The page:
1927 show at Theatre Royal
ANOTHER week, another new theatre piece featuring video.
Some will already be shifting uneasily in their seats and thinking, "Can't we just have some quality, straight-up theatre?"
Think again. The Animals And Children Took To The Streets offers both.
The latest work by pioneering London company 1927 reaches the Theatre Royal Plymouth (TRP) trailing five-star reviews in its wake, sprinkled on it by critics from Edinburgh and London to Sydney.
NEW FROM SYMPLY - a wet dog food in a tray freshly steamed with real meat and veg you can see minimum of 68% meat content up to 72% in the adult trays.
Terms: Come and try tray at introductory price of £1
Contact: 01271 440626
Valid until: Friday, January 31 2014
Its secret is that the film is not a layer added as an after-thought, says 1927 co-artistic director Paul Barritt.
"If you add film it feels like it is tagged on," says the film-maker from Newquay.
"If film is there at the start of the creative process it feels natural."
As for the story, the setting is the Bayou, a fared and loathed part of the city.
In Bayou Mansions, a stinking tenement block, curtain-twitchers and peeping-toms live side by side, and the wolf is always at the door.
Into that come Agnes Eaves and her daughter late one night. Does hope follow – or more horror?
You will find out as this subversive parable of social mobility, revolution and suppression unfolds.
And be assured that all is not gloom. Paul promises that comedy lightens the black mood.
He founded 1927 eight years ago with Suzanne Andrade, the other co-artistic director, who takes writing and directing duties.
"The name comes from the year when the first talkie came out, The Jazz Singer," Paul explains.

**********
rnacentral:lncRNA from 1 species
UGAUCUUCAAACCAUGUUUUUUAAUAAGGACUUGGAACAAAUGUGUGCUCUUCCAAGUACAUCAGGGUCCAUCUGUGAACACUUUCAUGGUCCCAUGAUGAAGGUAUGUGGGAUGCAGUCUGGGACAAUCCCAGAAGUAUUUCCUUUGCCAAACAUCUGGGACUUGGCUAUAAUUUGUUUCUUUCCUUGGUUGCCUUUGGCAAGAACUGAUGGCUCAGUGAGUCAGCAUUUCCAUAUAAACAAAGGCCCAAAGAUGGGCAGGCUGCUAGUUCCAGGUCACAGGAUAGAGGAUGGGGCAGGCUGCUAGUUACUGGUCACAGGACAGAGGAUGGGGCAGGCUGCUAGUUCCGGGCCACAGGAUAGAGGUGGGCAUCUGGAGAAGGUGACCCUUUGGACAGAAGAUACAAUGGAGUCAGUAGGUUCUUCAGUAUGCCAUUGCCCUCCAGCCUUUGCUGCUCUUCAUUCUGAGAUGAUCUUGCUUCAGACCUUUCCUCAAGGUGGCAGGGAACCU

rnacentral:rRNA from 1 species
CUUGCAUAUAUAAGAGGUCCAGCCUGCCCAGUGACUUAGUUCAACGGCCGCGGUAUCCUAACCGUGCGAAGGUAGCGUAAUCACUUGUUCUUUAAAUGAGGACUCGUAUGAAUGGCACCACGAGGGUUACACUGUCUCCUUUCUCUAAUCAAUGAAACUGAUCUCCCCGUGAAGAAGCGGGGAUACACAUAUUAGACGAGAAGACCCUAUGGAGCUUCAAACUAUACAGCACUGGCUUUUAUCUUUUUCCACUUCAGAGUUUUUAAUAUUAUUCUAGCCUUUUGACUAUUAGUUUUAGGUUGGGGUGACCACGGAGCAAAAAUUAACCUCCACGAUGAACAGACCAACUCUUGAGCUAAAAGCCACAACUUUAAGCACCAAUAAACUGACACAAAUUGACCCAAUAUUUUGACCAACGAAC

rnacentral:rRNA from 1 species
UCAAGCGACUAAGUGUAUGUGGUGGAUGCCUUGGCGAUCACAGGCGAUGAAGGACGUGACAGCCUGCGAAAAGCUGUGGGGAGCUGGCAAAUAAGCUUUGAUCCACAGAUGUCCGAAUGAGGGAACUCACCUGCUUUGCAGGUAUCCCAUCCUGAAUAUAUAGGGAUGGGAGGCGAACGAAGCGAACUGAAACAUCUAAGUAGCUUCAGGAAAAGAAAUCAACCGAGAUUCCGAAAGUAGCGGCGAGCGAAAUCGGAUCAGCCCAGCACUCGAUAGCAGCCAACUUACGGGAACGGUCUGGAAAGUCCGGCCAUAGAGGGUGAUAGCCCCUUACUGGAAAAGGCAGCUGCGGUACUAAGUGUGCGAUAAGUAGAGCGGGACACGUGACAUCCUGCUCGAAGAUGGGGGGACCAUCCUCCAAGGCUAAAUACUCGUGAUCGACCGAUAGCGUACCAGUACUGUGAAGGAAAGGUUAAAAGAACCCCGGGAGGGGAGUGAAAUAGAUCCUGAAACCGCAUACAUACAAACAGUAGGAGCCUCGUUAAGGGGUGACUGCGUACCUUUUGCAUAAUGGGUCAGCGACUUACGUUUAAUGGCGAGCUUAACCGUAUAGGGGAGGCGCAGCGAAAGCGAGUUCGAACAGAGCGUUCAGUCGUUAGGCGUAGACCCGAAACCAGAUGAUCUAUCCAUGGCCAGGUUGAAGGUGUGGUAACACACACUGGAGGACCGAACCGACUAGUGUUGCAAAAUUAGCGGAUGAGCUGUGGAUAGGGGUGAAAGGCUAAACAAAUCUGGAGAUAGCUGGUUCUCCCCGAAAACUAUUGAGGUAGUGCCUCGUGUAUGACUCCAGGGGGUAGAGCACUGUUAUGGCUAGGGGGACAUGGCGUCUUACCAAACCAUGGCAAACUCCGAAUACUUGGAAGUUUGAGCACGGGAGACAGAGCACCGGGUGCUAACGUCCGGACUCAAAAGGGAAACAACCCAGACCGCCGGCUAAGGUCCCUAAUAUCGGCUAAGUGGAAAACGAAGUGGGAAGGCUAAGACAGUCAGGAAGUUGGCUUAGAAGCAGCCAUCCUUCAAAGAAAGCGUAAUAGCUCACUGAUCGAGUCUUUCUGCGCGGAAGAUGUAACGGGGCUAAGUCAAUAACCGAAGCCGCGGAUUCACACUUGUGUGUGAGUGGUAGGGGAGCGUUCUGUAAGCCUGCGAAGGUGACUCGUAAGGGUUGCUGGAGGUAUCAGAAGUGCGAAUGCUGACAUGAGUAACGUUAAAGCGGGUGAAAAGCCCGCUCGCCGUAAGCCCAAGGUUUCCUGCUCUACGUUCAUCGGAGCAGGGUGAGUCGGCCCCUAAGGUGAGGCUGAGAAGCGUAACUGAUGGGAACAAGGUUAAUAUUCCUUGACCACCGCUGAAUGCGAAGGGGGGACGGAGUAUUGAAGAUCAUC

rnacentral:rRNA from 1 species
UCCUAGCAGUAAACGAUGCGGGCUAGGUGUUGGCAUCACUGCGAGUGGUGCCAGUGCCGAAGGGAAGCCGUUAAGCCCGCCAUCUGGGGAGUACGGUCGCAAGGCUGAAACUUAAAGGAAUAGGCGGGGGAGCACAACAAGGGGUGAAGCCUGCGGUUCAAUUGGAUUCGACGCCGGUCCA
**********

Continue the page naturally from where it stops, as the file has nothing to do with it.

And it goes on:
"We wanted to take film back to the silent era when cinema was a much more theatrical experience.
"It had live music and early on it would be part of a bill of live acts.
"The Animals And Children still has a generally theatrical feeling. It does not feel like a cinema intervention.
"The projections on to the screen are an opportunity to light the set which is an old school theatrical set – it's not a 'black box' stage.
"The film is animation which feels pat of the fabric."
Critics have likened The Animals to a graphic novel bursting into life on the stage.
That reflects Paul's background in illustration and animation and, maybe, the cartoon colour absorbed while growing up in one of Britain's more lively seaside towns.
He left Newquay at 23 to study first philosophy and later illustration and then to make his mark in animation and film.
He has exhibited his artwork in galleries and made several stand-alone films, which have been distributed internationally.
His short Shed won an award at the Darklight Film Festival in Dublin and Belfast.
As well as his work with 1927, Paul lecturers in animation and illustration at Middlesex University.
Visits to Newquay where his parents and grandmother still live are restricted to holidays an family occasions because of the demands of his jobs in London.
There is unlikely to be a big reunion in Plymouth next week, although the Barritt clan are big supporters of his work. "My family have all seen the show several times already," he says.
The Animals And Children Took To The Streets runs at the Drum at TRP from Tuesday-Saturday next week.